NEW YORK (
) -- In these nutty digital days, it's no longer what you know, who you know or when you know it.
Now it's where you know it.
"Geography is a new type of natural resource," said Alex Wissner-Gross, who explained the concept to me earlier this year. Wissner-Gross is an institute fellow at the Harvard University Institute for Applied Computational Science. He -- along with C.E. Freer, a similarly super-smart postdoctoral fellow at the Computer Science and Artificial Intelligence Laboratory at MIT -- are deep into the study of where traders trade in today's uber-fast digital financial networks -- as in where geographically, on the earth.
"Your geographic location might be quite financially valuable," Wissner-Gross says.
Back in 2011, the two published an interesting-to-read
on how information travels on modern, global, so-called low-latency trading networks. These are the digital networks that connect major trading hubs such as the
New York Stock Exchange
to, say, the
London Stock Exchange
. Trades on these networks supposedly happen in ever-faster millionths, billionths or, I guess, zillionths of a second.
But the more the two studied the reality of fast trading, the more they realized something profound: No matter how fast traders wanted to trade, our world has an absolute, dead-solid trading speed limit in the speed of light. So sure, investor can spend zillions on fast computers, super-duper optical cables and complex algorithms to trade a share of
at $196.91 in a bazillionth of second between the Nasdaq and London Stock Exchange. But the information that describes that $196.91 price can only move up to the speed limit of light between these trading centers.
The farther away trades are, the longer it takes for prices to travel from trading hub to trading hub. And the greater the chance for that price to drop out of sync with market reality.
"As that information is flying from New York to London," Wissner-Gross says, "market conditions can change dramatically."
This would all be so much theory if it were not for the fact the jig is finally up on high-frequency trading. Last week,
The New York Times
ran a front-page story confirming what everybody close to fast networks has been whispering for some time: Low-latency networks are about as fast as they are going to get. And exploiting their inefficiencies for profit is a fool's game.
And voila, blue-sky geeks such as Wissner-Gross and Freer are smack dab on the cutting edge of new approaches to trading.
What the two are arguing -- very coherently, by the by -- is that every fast trading strategy for every stock, bond or financial vehicle should include location as part of an optimal profitable trading approach. The factors in play include volume, price liquidity and the distance between where trades are executed. So say you're once again playing IBM between the Chicago Merc and the markets in northern New Jersey; somewhere in central Pennsylvania is probably the profitable location to trade. If you want to try to get paid with IBM between London and New York, the two say -- no kidding -- that a mid-ocean platform might make the most sense.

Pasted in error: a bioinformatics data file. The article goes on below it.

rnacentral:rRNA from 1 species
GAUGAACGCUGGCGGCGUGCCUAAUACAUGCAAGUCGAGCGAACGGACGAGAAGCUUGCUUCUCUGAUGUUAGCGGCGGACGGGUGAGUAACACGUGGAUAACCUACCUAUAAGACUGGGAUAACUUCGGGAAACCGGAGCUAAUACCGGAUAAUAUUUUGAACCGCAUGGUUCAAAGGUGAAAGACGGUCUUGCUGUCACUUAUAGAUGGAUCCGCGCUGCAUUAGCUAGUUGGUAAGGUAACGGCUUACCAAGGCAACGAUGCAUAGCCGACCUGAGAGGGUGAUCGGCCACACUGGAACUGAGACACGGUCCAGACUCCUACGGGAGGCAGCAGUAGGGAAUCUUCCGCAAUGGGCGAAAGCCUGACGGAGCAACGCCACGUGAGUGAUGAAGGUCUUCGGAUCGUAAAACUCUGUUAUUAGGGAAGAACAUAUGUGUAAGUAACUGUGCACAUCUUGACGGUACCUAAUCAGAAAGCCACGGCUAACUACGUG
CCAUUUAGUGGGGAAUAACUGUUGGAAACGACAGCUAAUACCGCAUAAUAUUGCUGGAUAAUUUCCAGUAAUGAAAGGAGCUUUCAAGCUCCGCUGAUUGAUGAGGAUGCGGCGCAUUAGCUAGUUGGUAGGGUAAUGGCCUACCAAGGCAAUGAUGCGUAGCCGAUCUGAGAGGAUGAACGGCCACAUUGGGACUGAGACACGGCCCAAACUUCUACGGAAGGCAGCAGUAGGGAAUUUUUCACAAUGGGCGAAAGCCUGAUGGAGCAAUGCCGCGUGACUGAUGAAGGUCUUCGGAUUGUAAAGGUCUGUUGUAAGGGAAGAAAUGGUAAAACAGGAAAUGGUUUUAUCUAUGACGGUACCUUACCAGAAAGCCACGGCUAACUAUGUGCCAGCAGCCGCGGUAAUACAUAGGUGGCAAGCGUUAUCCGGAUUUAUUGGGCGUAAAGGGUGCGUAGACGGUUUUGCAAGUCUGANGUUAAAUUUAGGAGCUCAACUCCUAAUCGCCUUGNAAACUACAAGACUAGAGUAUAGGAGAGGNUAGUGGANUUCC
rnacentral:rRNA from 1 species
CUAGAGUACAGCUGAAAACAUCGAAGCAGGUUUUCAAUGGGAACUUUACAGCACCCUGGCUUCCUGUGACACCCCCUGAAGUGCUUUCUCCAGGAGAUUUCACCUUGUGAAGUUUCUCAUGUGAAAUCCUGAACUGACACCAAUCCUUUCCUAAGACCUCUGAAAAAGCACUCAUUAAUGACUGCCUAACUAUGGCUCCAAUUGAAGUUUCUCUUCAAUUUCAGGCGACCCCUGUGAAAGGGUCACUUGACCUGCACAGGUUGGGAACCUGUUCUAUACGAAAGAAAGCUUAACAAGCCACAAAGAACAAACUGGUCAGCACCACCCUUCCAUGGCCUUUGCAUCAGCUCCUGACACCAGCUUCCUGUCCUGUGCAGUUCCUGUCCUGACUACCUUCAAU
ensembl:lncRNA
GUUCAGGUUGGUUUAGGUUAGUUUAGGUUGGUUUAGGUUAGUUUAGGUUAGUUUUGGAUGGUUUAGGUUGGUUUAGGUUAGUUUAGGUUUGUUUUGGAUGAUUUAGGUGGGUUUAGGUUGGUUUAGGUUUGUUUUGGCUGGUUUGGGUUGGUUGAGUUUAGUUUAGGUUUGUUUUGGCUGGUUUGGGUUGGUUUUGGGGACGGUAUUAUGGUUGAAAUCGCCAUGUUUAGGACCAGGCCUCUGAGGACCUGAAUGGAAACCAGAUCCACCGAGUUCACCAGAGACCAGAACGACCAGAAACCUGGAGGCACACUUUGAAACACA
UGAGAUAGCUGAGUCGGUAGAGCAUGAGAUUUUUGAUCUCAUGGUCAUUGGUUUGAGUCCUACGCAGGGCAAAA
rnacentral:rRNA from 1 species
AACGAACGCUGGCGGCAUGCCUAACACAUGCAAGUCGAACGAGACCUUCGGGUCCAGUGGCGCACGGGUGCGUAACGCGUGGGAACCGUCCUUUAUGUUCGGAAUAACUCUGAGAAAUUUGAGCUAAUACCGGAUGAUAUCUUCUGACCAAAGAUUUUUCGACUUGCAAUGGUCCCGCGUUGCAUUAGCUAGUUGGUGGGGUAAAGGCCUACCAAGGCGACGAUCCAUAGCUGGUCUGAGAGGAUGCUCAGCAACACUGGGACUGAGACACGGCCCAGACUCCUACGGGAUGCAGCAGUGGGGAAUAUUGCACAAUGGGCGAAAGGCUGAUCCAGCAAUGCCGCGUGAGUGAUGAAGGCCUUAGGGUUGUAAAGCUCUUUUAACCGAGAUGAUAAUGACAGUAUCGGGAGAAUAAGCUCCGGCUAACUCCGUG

"The fact is, there are specific, direct lines between these trading centers," Freer says. "And for companies willing to pay enough, where along that path you put a trading server gets you more efficient pricing."
Wissner-Gross and Freer predict the future of fast trading will be based on so-called "pop-up colocation." (Think pop-up retail, except for location-based trading.) A fast trader will not colocate at a major center such as the Nasdaq. Rather, he or she will do business from an easy-to-install trading server module -- probably a portable shipping container stuffed with trading technology -- that can plopped down anywhere along a trading network route. Sure enough, these containerized server modules are hot items now.
and an operation called
all make such container servers. And the bellwether IT innovator, the
, awarded a bunch of cloud data center contracts spec-ing these modules.
And here comes yet more grim news: As limits on the speed of trades push more volume outside major trading hubs, investors will soon realize they do not need to pay the freight for said hubs. They will see that, just like in media, publishing, and the legal profession, digital financial trading data turns simply too plentiful to be of much value. Which in turn means investors are looking at yet another bit of digital roadkill: the big, fancy centralized financial trading hub.
Exchanges such as the NYSE or the Merc will probably make excellent museums.
This commentary comes from an independent investor or market observer as part of TheStreet guest contributor program. The views expressed are those of the author and do not necessarily represent the views of TheStreet or its management.